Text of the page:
The hot, hot, very hot summer continues - doesn’t it feel like we went straight from snow to heatwave – bizarre!
Hands up if you’re too hot to sleep? Every plant in your garden dead? Washing basket piled up after multiple changes during every day…? But still there is nothing like sunshine to lift everyone’s mood, entice you outside and just make you feel better about everything.
The hottest day of the year so far (it just keeps changing!) saw the temperature reach a whopping 35C (90F) in London while Manchester basked in temperatures of 29/31C.
What a glorious day to spend two hours waiting for and eventually travelling on a train on a journey that should have taken 20 minutes. No drivers and a train stuck behind another which had broken down resulted in two cancellations and then a very slow journey missing out all the small stations which it should have stopped at (there was a genuine collective groan on the platform when that was announced). Finally, on arrival at Manchester Victoria, there were no available platforms, so another wait on the outskirts of the city in blistering heat. I love train travel, but the current unreliable service across the North West is becoming a massive problem. You almost feel like standing up somewhere high (Beetham Tower maybe?) and shouting down South – “Oi have you seen what is happening up North??”. What a ridiculous situation when a train cancels all its stops to get back on time. Shouldn’t the priority be to get people to their destinations?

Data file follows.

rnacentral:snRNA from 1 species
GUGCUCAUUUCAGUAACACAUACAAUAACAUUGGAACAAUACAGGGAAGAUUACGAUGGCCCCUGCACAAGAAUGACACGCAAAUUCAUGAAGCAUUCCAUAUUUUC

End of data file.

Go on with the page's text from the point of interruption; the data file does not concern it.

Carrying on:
Still, I arrived safely, and the sun was still shining, so all thoughts of the journey soon disappeared. We were lucky to have entrance to the VIP garden at the Jazz Festival so spent a lovely evening relaxing on deckchairs listening to the free music at the festival. We go nowhere without our cameras and that evening had promised the best ‘blood moon’ for decades and a lunar eclipse, but as so often happens in this country, despite the heat along came the clouds and the moon was nowhere to be seen. Never mind there is always something to photograph!
Excitingly, having seen ice cream rolls on many an Instagram video, we were delighted to find The Ice Alchemists serving the jazz festival audience. What a fascinating procedure to watch (and photograph – our cameras are always ready!) and they tasted good too. The urge to pick a ‘roll’ up and eat it as you would a wrap was irresistible, but believe me don’t try that yourselves it is very messy especially on a hot night!